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CBS: ‘Big Brother,’ ‘Survivor’ To Be 50% Non-White

CBS: ‘Big Brother,’ ‘Survivor’ To Be 50% Non-White


CBS has promised that its chief reality shows – “Survivor,” “Big Brother,” and “Love Island” – will now feature a cast that is 50% non-white.

In an announcement on Monday, George Cheeks, president and chief executive officer for the CBS Entertainment Group, said that minorities are especially underrpresented in reality entertainment, adding that he hopes to switch that.

“The reality TV genre is an area that’s especially underrepresented, and needs to be more inclusive across development, casting, production and all phases of storytelling,” said Cheeks. “As we strive to improve all of these creative aspects, the commitments announced today are important first steps in sourcing new voices to create content and further expanding the diversity in our unscripted programming, as well as on our network.”

As noted by Entertainment Weekly, the show “Survivor” has long suffered charges of lacking diversity and racial representation. This past summer, contestants Sean Rector and Jolanda Jones formed The Black Survivor Alliance with the aim of “bringing light to our collective experience with implicit bias and racism on and off the show.” According to Rector, racism and implicit bias kept him from being invited back for an “All-Stars” season.

“If you don’t think racism and implicit bias exists, tell me why [Survivor: Marquesas winner Vecepia Robinson] has been completely ignored and has NEVER received an inquiry call or invite to even play in a season with all previous winners?,” Rector said at the height of the controversy. “(Please miss me with the ‘she was boring or not great TV’ BS). Subsequently, ten seasons later, Earl Cole, a Black man, finally won and like my sis Vecepia and Marquesas, was largely ignored by showrunners … Television, specifically the Survivor franchise, has a responsibility and the power to represent a more just and equitable playing field as a benchmark of real progress for ALL people, and not some concession of perceived power or standing that had to be compromised by one group to another.”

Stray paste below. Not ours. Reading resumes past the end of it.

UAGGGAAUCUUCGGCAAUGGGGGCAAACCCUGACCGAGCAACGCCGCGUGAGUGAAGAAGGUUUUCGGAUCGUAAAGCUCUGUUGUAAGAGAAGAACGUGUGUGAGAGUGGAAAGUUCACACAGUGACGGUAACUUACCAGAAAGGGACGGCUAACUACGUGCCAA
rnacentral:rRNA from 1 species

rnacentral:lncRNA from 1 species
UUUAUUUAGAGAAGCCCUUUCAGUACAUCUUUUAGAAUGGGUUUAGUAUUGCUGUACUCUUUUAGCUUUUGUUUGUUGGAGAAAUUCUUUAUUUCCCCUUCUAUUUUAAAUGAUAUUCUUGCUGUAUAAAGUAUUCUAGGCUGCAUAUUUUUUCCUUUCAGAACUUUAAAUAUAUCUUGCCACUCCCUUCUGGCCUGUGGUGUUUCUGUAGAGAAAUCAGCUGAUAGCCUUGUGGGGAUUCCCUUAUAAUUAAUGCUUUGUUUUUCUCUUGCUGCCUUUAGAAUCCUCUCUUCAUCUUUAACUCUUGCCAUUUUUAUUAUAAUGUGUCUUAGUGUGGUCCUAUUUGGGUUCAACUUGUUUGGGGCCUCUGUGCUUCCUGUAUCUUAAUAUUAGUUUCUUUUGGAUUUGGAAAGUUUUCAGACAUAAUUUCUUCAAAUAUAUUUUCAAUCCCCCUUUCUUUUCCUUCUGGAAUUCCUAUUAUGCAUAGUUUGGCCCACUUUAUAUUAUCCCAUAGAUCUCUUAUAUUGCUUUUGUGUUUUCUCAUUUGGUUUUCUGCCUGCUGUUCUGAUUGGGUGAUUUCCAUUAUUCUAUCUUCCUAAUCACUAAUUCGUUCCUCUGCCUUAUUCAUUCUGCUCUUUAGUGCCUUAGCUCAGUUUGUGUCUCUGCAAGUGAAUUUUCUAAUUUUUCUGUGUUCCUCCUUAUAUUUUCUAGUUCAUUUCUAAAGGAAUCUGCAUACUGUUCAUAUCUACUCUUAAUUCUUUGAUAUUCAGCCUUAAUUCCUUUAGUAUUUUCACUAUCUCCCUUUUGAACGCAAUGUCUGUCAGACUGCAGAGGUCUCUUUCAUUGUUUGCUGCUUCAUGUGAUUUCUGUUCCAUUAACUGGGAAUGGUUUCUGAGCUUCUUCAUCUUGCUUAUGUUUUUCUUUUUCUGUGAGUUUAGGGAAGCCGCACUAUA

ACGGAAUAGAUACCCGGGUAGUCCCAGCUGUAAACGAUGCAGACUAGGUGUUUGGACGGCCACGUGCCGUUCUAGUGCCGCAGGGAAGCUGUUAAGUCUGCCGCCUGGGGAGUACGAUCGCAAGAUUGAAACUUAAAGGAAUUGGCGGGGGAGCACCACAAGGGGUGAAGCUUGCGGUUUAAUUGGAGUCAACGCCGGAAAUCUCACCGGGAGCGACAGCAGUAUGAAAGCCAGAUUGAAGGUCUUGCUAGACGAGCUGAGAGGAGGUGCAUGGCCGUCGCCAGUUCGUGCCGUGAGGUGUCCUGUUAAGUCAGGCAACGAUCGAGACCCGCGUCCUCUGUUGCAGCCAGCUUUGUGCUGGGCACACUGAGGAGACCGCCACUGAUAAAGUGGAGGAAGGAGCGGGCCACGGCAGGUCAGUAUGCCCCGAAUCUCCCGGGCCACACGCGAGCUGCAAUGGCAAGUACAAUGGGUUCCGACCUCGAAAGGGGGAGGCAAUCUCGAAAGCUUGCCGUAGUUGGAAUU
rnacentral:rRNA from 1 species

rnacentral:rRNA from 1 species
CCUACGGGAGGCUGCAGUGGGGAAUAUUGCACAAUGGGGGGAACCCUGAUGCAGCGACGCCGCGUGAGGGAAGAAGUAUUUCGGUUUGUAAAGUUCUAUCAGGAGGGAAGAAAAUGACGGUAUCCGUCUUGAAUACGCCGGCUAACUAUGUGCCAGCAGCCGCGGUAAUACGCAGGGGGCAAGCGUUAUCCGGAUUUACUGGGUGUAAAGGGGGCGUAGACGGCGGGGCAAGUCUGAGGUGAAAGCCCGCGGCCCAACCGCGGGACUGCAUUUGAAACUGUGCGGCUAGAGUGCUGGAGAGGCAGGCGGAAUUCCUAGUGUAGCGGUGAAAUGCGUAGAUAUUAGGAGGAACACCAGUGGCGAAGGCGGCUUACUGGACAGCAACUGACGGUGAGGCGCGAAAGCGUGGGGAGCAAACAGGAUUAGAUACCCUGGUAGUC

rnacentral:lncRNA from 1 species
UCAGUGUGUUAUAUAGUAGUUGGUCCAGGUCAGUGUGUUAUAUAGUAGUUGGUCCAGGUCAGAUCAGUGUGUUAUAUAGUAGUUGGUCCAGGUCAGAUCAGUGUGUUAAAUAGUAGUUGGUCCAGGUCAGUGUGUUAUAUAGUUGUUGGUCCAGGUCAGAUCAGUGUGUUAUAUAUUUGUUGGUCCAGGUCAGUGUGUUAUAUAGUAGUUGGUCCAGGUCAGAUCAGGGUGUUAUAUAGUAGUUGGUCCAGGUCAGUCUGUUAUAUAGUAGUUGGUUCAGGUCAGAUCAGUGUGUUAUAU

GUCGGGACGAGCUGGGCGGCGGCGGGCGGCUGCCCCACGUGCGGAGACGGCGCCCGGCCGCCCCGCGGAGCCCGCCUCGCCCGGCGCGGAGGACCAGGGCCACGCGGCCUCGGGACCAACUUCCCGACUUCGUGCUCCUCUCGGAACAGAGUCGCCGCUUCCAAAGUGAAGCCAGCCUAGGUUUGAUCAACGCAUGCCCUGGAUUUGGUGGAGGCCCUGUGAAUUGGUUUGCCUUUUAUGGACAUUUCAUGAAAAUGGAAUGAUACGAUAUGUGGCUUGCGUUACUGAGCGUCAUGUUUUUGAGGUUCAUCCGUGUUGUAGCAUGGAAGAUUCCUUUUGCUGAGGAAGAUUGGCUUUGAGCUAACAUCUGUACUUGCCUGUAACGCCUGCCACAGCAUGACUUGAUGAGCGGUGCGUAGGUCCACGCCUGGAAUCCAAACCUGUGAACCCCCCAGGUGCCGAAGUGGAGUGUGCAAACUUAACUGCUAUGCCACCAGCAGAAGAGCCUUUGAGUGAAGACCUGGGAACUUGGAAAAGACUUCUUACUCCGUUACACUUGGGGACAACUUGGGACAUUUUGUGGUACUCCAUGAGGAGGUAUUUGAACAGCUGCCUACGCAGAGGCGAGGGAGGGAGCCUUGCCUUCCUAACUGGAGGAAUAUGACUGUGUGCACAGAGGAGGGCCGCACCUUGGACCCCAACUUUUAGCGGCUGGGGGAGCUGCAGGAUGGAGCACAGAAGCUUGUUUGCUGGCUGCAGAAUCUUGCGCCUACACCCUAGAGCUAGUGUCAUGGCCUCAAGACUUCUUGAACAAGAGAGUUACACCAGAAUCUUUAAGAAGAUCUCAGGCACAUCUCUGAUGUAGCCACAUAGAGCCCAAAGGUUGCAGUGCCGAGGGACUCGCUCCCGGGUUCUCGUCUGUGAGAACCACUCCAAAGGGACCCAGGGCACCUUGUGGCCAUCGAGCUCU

Jolanda Jones said she began to notice racism present on the show during season 14 when the three finalists were black.

“My edit, and that of so many other Black people, caused me to organize the BSA and move to end systematic racism on Survivor,” Jones said during the “Survivor” quarantine questionnaire. “Of the seasons I watched, the one that makes me the saddest, makes me cry and breaks my heart, is season 14, where there were three Black players, Earl Cole, Cassandra Franklin, and Dreamz Herd, as the finalists. The systematic/systemic racism, implicit bias, and microaggressions shown throughout the editing but especially during the final Tribal were so hard to watch. The thickness of the racism could be cut with a knife … ‘diverse’ does not mean the majority of the cast is white with a mixture of other races.”

Julia Carter of “Survivor: Edge of Extinction” said that racism and implicit bias plays a huge role in the show’s ultimate outcome: “Many people do not realize the impacts that [diversity] has on the game. When you truly diversify the cast (and I don’t mean just a sprinkle of each race in every season), you even the playing field and allow every castaway a real opportunity to connect with more individuals, find allies, and win the game. Seasons like Cook Islands and Fiji, in which there was racially equal casting, should be the norm, not the exceptions.”

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